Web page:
The voice acting isn’t a major issue although it can feel bland and repetitive, especially when Steve and other NPCs detect your presence and they’d spout the same lines. What’s worse though is how audio can fluctuate and feel like there’s a disembodied voice or music banging in your ears suddenly. The audio cue shifts when you enter a restricted area (which was nice), just like it shifts to 80s rock music when you reach the top of a flight of stairs (which was jarring). It seems the developers decided to suddenly have music start playing loudly when you enter new world spaces regardless of their distance from a previous cell.
And then there are the bugs. The Occupation is stable enough given that I never encountered crashes, stuttering, or slowdowns. But I did encounter several bugs that prevented me from progressing unless I restarted the chapter.
One had me stuck inside a ventilation shaft. The moment I jumped, I passed through the textures and couldn’t get back inside. In another instance, I fell down a canal which supposedly had water, but it was just vast, empty nothingness. There was also a time when I pressed an elevator button and the elevator went up. I did not.
The most stupefying, though, was when the floppy disk I had to use on a computer disappeared through a desk. With no way of finding it, and with no other floppy disk in the entire office (yes, an office with no other floppy disks), I had to go back to the main menu.
Oh, and it bears mentioning that The Occupation saves your progress after each chapter, not during one. If you encounter any of the above technical issues, you’re going to start from the beginning of each act, that means gathering the same clues, passing by the same vents, and all that. There’s also no “restart/replay chapter” feature when you’ve progressed past that point, you’ll need to begin a new game.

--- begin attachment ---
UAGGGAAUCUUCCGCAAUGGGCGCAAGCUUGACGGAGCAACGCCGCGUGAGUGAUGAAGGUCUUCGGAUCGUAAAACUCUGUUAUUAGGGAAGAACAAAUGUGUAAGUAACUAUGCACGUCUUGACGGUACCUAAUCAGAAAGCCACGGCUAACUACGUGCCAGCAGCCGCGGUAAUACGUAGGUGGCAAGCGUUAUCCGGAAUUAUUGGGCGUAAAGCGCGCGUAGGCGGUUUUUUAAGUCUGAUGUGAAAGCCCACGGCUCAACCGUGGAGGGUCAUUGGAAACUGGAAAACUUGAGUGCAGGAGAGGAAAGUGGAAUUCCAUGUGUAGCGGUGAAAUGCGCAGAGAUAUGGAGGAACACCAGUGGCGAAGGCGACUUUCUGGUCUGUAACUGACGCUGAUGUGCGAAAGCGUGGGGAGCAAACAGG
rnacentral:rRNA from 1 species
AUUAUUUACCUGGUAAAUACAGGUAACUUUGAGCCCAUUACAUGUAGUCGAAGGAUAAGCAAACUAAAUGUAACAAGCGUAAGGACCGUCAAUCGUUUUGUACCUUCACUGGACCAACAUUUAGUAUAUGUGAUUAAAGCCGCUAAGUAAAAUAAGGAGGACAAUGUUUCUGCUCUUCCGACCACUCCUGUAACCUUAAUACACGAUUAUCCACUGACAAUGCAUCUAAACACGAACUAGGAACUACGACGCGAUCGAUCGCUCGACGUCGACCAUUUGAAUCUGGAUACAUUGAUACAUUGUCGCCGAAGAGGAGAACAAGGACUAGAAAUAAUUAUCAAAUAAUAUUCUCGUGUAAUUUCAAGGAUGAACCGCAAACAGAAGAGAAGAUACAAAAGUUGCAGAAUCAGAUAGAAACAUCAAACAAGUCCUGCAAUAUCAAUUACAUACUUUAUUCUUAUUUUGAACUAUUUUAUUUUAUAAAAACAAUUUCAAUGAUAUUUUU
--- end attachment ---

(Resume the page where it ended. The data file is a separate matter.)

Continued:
Right On Schedule
Another problem with The Occupation is how it failed to live up to a certain promise. In its Steam store page, it notes the following:
Each person in the world has a routine to follow so that you can plan your approach. Be careful though as an unexpected toilet or smoke break may foil even the best laid plans.
I didn’t notice that at all throughout my playthrough except for one occasion. That was when I discovered that the janitor opens the storeroom at 3:20 in the afternoon. That’s it. And even then, I was already able to enter the storeroom through a vent shaft that was readily available. NPC movements are almost too random to predict, and, as mentioned, they were easy to trick due to AI limitations.
The Occupation relies on tropes in the media and news to present this foreboding sense of fear and danger. From MAGA references and implications of racism and xenophobia to the controversies of Brexit and mass immigrations in the EU, and the dangers of data gathering, you can tell that it tries to be a political thriller. Unfortunately, it lacks the execution and polish to make all of that engaging. The political message it has is but a shallow and trivial glance at the wider world, disconnected from your happy-go-lucky investigative romp as you try to outwit the dimwitted Steve.